LAS VEGAS, NV - OCTOBER 15:  Metta World Peace #37 of the Los Angeles Lakers stands on the court during warmups before a preseason game against the Golden State Warriors at T-Mobile Arena on October 15, 2016 in Las Vegas, Nevada. Golden State won 112-107. NOTE TO USER: User expressly acknowledges and agrees that, by downloading and or using this photograph, User is consenting to the terms and conditions of the Getty Images License Agreement.  (Photo by Ethan Miller/Getty Images)
Ethan Miller/Getty Images
Leave a comment

The NBA just can’t shake Metta World Peace as a player.

Despite the Lakers’ reported intention of waiving World Peace and making him an assistant coach, they’ll keep him, Thomas Robinson and Nick Young into the regular season. After waiving Yi Jianlian at his request, they’ll also waive Anthony Brown.

Lakers release:

The Los Angeles Lakers have waived forward Anthony Brown, it was announced today by General Manager Mitch Kupchak.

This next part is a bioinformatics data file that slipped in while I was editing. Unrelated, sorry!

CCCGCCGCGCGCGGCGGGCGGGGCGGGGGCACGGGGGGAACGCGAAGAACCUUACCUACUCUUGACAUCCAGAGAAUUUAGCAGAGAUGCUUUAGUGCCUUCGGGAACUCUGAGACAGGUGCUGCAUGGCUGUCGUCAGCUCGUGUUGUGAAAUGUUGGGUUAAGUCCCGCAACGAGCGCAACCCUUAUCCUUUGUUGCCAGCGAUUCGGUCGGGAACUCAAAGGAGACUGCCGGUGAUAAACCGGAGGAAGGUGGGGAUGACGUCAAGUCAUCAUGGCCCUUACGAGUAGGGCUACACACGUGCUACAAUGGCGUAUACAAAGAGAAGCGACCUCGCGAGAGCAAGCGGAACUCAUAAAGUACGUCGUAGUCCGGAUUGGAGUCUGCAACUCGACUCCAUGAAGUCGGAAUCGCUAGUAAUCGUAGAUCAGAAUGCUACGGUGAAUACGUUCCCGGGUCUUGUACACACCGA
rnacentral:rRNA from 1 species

Brown was the No. 34 pick just last year, but he didn’t show much as a rookie and is already 24. There was no need to keep him over more valuable players – like Robinson.

But World Peace, who turns 37 next month? He’s washed up and offers no upside. The Lakers don’t already have enough veteran leadership between Luol Deng, Jose Calderon, Lou Williams and Timofey Mozgov?

The Lakers probably won’t regret dropping Brown – though they might – but there are better uses for a roster spot in 2016 than World Peace.

51 Questions: Which team will win the West? Make NBA Finals?

Leave a comment

It is the final days of PBT’s 2016-17 NBA preview series, 51 Questions. For six weeks we have tackled 51 questions we cannot wait to see answered during the upcoming NBA season. Today the PBT staff answers the biggest questions of them all this season:

Which teams make the playoffs, then who wins the East? Who will be NBA champion?

Here are our staff predictions.

Kurt Helin

1. Warriors
2. Spurs
3. Clippers
4. Jazz
5. Rockets
6. Grizzlies
7. Trail Blazers
8. Thunder

Western Conference Finals:
Warriors over Clippers
NBA Finals: Warriors over Cavaliers

There is a clear top three in the West, and while I think Golden State gets the top seed (but falls just short of 70 wins) I could flip Los Angeles and San Antonio without a problem — and I like the Clippers more in the postseason, they finally get past the second round. Much like the East, then I think 4-11 are all going to be within a handful of games of each other — Dallas, Minnesota, and Denver all could get into the playoffs with good health and a few breaks. Maybe Sacramento, too, but a lot more needs to go right for them.